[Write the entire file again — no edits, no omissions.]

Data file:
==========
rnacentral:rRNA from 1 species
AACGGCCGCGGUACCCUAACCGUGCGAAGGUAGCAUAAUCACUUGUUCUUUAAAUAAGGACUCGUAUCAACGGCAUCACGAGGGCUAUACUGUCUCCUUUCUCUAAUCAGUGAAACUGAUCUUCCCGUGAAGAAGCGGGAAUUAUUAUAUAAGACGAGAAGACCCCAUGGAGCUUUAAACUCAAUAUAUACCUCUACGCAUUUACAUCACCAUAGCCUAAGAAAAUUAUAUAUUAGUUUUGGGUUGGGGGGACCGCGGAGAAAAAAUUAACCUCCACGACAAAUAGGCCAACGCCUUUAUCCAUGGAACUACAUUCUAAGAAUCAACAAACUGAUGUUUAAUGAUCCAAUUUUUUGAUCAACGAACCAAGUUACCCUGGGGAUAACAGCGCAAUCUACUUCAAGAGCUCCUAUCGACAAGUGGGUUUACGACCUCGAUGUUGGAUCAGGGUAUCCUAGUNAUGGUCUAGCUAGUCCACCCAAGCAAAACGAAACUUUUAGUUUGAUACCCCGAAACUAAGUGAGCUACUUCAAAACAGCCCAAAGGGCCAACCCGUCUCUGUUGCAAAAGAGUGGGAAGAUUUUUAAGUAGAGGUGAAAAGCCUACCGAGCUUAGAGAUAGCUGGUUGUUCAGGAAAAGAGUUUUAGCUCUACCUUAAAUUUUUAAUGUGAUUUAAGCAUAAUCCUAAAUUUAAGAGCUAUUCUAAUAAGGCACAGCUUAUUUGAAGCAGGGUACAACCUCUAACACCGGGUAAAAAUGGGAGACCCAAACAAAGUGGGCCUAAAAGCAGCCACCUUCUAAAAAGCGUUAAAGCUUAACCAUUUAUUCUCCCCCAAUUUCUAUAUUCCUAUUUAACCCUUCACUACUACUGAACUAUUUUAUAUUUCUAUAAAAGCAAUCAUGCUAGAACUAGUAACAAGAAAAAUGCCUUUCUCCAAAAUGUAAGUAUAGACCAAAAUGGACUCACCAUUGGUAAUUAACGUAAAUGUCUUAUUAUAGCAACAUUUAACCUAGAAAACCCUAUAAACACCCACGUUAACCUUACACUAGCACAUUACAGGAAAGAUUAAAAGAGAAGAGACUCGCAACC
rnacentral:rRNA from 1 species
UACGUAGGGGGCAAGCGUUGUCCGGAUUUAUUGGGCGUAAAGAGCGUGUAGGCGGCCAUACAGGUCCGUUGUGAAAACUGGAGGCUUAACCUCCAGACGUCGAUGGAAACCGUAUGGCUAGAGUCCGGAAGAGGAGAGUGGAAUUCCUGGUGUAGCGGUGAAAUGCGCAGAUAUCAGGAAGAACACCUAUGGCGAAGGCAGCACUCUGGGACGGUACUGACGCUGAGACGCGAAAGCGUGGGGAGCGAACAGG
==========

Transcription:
rnacentral:rRNA from 1 species
AACGGCCGCGGUACCCUAACCGUGCGAAGGUAGCAUAAUCACUUGUUCUUUAAAUAAGGACUCGUAUCAACGGCAUCACGAGGGCUAUACUGUCUCCUUUCUCUAAUCAGUGAAACUGAUCUUCCCGUGAAGAAGCGGGAAUUAUUAUAUAAGACGAGAAGACCCCAUGGAGCUUUAAACUCAAUAUAUACCUCUACGCAUUUACAUCACCAUAGCCUAAGAAAAUUAUAUAUUAGUUUUGGGUUGGGGGGACCGCGGAGAAAAAAUUAACCUCCACGACAAAUAGGCCAACGCCUUUAUCCAUGGAACUACAUUCUAAGAAUCAACAAACUGAUGUUUAAUGAUCCAAUUUUUUGAUCAACGAACCAAGUUACCCUGGGGAUAACAGCGCAAUCUACUUCAAGAGCUCCUAUCGACAAGUGGGUUUACGACCUCGAUGUUGGAUCAGGGUAUCCUAGUNAUGGUCUAGCUAGUCCACCCAAGCAAAACGAAACUUUUAGUUUGAUACCCCGAAACUAAGUGAGCUACUUCAAAACAGCCCAAAGGGCCAACCCGUCUCUGUUGCAAAAGAGUGGGAAGAUUUUUAAGUAGAGGUGAAAAGCCUACCGAGCUUAGAGAUAGCUGGUUGUUCAGGAAAAGAGUUUUAGCUCUACCUUAAAUUUUUAAUGUGAUUUAAGCAUAAUCCUAAAUUUAAGAGCUAUUCUAAUAAGGCACAGCUUAUUUGAAGCAGGGUACAACCUCUAACACCGGGUAAAAAUGGGAGACCCAAACAAAGUGGGCCUAAAAGCAGCCACCUUCUAAAAAGCGUUAAAGCUUAACCAUUUAUUCUCCCCCAAUUUCUAUAUUCCUAUUUAACCCUUCACUACUACUGAACUAUUUUAUAUUUCUAUAAAAGCAAUCAUGCUAGAACUAGUAACAAGAAAAAUGCCUUUCUCCAAAAUGUAAGUAUAGACCAAAAUGGACUCACCAUUGGUAAUUAACGUAAAUGUCUUAUUAUAGCAACAUUUAACCUAGAAAACCCUAUAAACACCCACGUUAACCUUACACUAGCACAUUACAGGAAAGAUUAAAAGAGAAGAGACUCGCAACC
rnacentral:rRNA from 1 species
UACGUAGGGGGCAAGCGUUGUCCGGAUUUAUUGGGCGUAAAGAGCGUGUAGGCGGCCAUACAGGUCCGUUGUGAAAACUGGAGGCUUAACCUCCAGACGUCGAUGGAAACCGUAUGGCUAGAGUCCGGAAGAGGAGAGUGGAAUUCCUGGUGUAGCGGUGAAAUGCGCAGAUAUCAGGAAGAACACCUAUGGCGAAGGCAGCACUCUGGGACGGUACUGACGCUGAGACGCGAAAGCGUGGGGAGCGAACAGG